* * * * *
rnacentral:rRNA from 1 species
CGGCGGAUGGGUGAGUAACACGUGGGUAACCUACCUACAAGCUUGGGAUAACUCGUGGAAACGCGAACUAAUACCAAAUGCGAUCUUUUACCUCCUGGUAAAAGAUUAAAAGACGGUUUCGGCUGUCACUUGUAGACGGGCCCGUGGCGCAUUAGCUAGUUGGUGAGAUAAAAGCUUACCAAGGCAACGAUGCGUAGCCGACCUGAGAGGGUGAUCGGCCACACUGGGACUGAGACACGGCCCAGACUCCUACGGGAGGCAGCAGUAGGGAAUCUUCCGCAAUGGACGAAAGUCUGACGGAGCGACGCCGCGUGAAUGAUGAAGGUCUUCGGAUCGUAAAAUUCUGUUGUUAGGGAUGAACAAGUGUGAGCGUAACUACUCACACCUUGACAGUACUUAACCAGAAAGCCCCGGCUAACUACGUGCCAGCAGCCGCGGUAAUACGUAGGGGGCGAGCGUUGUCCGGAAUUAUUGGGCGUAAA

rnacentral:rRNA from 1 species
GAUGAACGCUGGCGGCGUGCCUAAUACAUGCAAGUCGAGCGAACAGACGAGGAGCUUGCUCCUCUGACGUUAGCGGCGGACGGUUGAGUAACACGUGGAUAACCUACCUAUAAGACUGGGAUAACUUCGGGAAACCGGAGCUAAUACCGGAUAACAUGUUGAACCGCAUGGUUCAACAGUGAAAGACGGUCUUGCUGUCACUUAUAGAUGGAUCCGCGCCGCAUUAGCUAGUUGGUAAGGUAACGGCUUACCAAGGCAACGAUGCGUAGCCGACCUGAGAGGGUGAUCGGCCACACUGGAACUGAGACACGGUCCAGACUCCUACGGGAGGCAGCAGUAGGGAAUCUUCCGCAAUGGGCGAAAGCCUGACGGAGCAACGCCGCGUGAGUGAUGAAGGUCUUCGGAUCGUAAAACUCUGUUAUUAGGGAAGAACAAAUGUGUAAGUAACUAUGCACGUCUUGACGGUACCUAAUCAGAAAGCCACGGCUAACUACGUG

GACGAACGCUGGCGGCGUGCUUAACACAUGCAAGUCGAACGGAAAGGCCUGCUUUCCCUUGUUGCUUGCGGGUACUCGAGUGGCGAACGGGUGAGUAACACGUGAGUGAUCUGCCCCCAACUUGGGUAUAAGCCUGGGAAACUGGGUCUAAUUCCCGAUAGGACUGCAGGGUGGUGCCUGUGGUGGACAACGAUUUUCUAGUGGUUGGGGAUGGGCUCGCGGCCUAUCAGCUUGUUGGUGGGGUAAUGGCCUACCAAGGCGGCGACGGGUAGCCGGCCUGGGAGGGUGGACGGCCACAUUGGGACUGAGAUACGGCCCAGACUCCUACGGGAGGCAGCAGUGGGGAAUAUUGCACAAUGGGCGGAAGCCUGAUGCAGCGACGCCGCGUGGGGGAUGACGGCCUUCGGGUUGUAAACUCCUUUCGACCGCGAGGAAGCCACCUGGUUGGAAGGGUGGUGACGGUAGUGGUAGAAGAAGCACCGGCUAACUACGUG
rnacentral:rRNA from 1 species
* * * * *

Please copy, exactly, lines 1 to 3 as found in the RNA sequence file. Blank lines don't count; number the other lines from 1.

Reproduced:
rnacentral:rRNA from 1 species
CGGCGGAUGGGUGAGUAACACGUGGGUAACCUACCUACAAGCUUGGGAUAACUCGUGGAAACGCGAACUAAUACCAAAUGCGAUCUUUUACCUCCUGGUAAAAGAUUAAAAGACGGUUUCGGCUGUCACUUGUAGACGGGCCCGUGGCGCAUUAGCUAGUUGGUGAGAUAAAAGCUUACCAAGGCAACGAUGCGUAGCCGACCUGAGAGGGUGAUCGGCCACACUGGGACUGAGACACGGCCCAGACUCCUACGGGAGGCAGCAGUAGGGAAUCUUCCGCAAUGGACGAAAGUCUGACGGAGCGACGCCGCGUGAAUGAUGAAGGUCUUCGGAUCGUAAAAUUCUGUUGUUAGGGAUGAACAAGUGUGAGCGUAACUACUCACACCUUGACAGUACUUAACCAGAAAGCCCCGGCUAACUACGUGCCAGCAGCCGCGGUAAUACGUAGGGGGCGAGCGUUGUCCGGAAUUAUUGGGCGUAAA

rnacentral:rRNA from 1 species